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I'm actually really looking forward to seeing what Anton Yelchin brings to Star Trek Beyond. i think he was a fine wee character actor, and I agree that his early passing stings. I first noticed him in Huff, a Showtime vehicle for Hank Azaria and Oliver Platt which was great and cancelled after only two seasons. He was terrific playing Huff (Azaria)'s son. It'll be bittersweet to see him, knowing that's it - no more of his version of Chekhov. But at least we have this movie to look forward to.

I was tempted to watch ST09 the other night, but I don't think I'm ready to see his smiling face so soon... 

I watched TWOK the night Nimoy died, and it ripped me to shreds. 

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Great piece here by the Guardian's film critic, Peter Bradshaw, on the wider issue of celebrity deaths - includes a link to his actual blog post on Anton Yelchin:

https://www.theguardian.com/film/2016/jun/23/i-never-realised-how-many-articles-i-would-write-in-a-blur-of-tears-peter-bradshaw-on-movie-star-deaths

 

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kenman   

According to reports...the Recall went out just before his death, and he received it in the mail like a week after he died.  That is just the worst.  I feel for his family. Getting that recall notice after a funeral has got to just burn you up.  They deserve to sue...because this was a clear safety hazard that ended a young man's life.

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maneth   

That's just pouring salt in the wounds.

Although to be fair, accidents like this probably wouldn't happen if people used the parking brake even if they leave the engine running for a short stop... So I'm not sure how much of a case the parents actually have.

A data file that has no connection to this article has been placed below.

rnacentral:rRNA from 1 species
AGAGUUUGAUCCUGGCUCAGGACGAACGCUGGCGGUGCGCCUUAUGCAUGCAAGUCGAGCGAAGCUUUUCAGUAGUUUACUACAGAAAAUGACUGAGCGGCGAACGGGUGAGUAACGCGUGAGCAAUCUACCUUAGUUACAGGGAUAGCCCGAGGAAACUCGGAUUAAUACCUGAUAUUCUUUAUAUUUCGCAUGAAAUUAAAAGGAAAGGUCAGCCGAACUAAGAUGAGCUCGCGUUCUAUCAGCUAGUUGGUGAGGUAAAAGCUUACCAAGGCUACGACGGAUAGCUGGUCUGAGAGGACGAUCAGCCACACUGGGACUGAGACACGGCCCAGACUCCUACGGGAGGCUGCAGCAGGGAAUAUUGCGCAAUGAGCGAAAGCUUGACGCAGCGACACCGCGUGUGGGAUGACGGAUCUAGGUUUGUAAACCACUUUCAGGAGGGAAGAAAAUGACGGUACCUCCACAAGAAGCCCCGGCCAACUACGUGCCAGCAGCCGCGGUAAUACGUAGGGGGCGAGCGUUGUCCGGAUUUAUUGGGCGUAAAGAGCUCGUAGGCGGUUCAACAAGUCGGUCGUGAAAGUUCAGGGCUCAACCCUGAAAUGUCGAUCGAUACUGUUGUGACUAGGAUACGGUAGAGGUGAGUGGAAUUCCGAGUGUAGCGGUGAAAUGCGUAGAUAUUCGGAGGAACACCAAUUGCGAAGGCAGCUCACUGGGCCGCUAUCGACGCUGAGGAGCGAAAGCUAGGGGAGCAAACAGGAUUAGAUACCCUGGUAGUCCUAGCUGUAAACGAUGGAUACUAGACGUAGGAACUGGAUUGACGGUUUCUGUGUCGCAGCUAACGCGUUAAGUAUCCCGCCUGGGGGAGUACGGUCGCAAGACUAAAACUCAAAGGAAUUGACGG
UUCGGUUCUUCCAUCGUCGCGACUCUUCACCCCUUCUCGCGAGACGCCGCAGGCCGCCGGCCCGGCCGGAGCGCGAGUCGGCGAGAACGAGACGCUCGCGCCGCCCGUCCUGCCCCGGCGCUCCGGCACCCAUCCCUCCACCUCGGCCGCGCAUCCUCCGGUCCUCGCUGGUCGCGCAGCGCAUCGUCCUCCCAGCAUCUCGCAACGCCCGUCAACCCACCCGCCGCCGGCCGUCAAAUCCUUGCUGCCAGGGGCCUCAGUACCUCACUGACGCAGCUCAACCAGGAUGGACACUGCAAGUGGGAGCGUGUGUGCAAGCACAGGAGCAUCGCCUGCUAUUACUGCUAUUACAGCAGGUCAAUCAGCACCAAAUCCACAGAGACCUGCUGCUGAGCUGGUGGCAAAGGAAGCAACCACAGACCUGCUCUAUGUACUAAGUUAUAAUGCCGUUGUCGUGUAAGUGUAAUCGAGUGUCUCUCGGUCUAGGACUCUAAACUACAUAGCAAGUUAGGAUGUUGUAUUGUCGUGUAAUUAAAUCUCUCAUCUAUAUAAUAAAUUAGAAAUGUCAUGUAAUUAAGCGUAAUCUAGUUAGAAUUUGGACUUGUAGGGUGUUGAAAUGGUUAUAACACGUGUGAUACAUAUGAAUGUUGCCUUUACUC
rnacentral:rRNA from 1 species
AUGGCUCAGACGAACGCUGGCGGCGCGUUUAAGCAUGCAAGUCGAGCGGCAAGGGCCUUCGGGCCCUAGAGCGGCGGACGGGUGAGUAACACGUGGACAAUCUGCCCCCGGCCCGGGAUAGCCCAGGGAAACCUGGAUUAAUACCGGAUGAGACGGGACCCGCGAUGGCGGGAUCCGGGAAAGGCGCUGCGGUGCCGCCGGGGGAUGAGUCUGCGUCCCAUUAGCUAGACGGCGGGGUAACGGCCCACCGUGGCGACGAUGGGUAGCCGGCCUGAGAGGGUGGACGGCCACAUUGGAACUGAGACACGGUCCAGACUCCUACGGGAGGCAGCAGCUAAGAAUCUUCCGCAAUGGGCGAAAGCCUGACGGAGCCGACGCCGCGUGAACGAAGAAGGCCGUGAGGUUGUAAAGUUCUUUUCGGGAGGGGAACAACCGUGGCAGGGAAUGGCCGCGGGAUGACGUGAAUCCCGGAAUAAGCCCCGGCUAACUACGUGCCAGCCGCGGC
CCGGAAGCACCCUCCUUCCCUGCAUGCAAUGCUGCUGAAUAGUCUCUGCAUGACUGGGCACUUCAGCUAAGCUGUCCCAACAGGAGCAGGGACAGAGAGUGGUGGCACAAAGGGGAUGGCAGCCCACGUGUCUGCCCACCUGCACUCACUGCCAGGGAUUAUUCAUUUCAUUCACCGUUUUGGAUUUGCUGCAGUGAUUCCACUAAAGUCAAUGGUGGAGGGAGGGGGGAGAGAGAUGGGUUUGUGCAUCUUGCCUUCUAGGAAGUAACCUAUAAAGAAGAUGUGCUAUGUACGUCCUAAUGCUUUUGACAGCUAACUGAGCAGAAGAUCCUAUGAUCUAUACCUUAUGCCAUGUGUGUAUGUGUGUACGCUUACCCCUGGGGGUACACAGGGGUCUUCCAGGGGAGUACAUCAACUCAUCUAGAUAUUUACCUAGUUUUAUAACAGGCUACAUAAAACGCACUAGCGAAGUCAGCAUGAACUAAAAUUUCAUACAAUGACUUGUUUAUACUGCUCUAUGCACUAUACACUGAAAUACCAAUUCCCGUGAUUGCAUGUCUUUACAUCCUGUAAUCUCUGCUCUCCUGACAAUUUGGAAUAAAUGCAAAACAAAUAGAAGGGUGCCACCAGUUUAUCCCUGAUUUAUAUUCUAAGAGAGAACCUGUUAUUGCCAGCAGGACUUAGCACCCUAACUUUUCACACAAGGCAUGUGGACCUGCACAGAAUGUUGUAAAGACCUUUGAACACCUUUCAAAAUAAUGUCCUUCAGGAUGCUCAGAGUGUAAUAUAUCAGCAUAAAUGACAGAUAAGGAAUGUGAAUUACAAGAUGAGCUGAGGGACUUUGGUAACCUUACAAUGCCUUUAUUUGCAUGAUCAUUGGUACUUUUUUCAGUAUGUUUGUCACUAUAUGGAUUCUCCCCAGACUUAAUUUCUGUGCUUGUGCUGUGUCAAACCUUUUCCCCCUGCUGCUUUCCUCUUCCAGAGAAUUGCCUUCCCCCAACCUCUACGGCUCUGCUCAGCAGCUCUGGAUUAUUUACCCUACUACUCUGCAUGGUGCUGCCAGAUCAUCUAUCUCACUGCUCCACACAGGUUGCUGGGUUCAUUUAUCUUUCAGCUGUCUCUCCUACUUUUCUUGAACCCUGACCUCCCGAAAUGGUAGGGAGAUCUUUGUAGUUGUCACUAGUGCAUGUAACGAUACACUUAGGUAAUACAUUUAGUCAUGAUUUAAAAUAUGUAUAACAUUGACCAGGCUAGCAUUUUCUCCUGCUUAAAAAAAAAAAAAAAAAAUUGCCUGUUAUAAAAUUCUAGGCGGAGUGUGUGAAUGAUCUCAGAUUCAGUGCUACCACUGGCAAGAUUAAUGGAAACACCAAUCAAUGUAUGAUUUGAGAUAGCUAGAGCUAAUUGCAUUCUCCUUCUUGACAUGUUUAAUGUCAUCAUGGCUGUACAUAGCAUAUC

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That's just pouring salt in the wounds.

Although to be fair, accidents like this probably wouldn't happen if people used the parking brake even if they leave the engine running for a short stop... So I'm not sure how much of a case the parents actually have.

Well, the company actually acknowledged (via the belated recall notice) that there was a defect with this model vehicle, so there's something legal to corroborate the family's claim.  

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kenman   

That's just pouring salt in the wounds.

Although to be fair, accidents like this probably wouldn't happen if people used the parking brake even if they leave the engine running for a short stop... So I'm not sure how much of a case the parents actually have.

There was an actual default on the car.  When the driver may think they've shifted into park, it may still be in Neutral.  That is a huge safety issue, acknowledged by the company. And a man is dead because of it.  That is a case.

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maneth   

That's just pouring salt in the wounds.

Although to be fair, accidents like this probably wouldn't happen if people used the parking brake even if they leave the engine running for a short stop... So I'm not sure how much of a case the parents actually have.

There was an actual default on the car.  When the driver may think they've shifted into park, it may still be in Neutral.  That is a huge safety issue, acknowledged by the company. And a man is dead because of it.  That is a case.

It is indeed. Particularly as the recall notice arrived after his death. If he had received it and failed to comply (easy enough to think "Oh, I'm too busy this week, I'll see to it next week") things would probably have been different.

I just hope that everyone who gets a recall notice due to a fault or defect in their car takes it seriously and actually gets their car serviced. Currently, many people don't take recall notices seriously enough. If they start doing that and it means that further loss of life can be prevented, Yelchin's death will not have been completely in vain.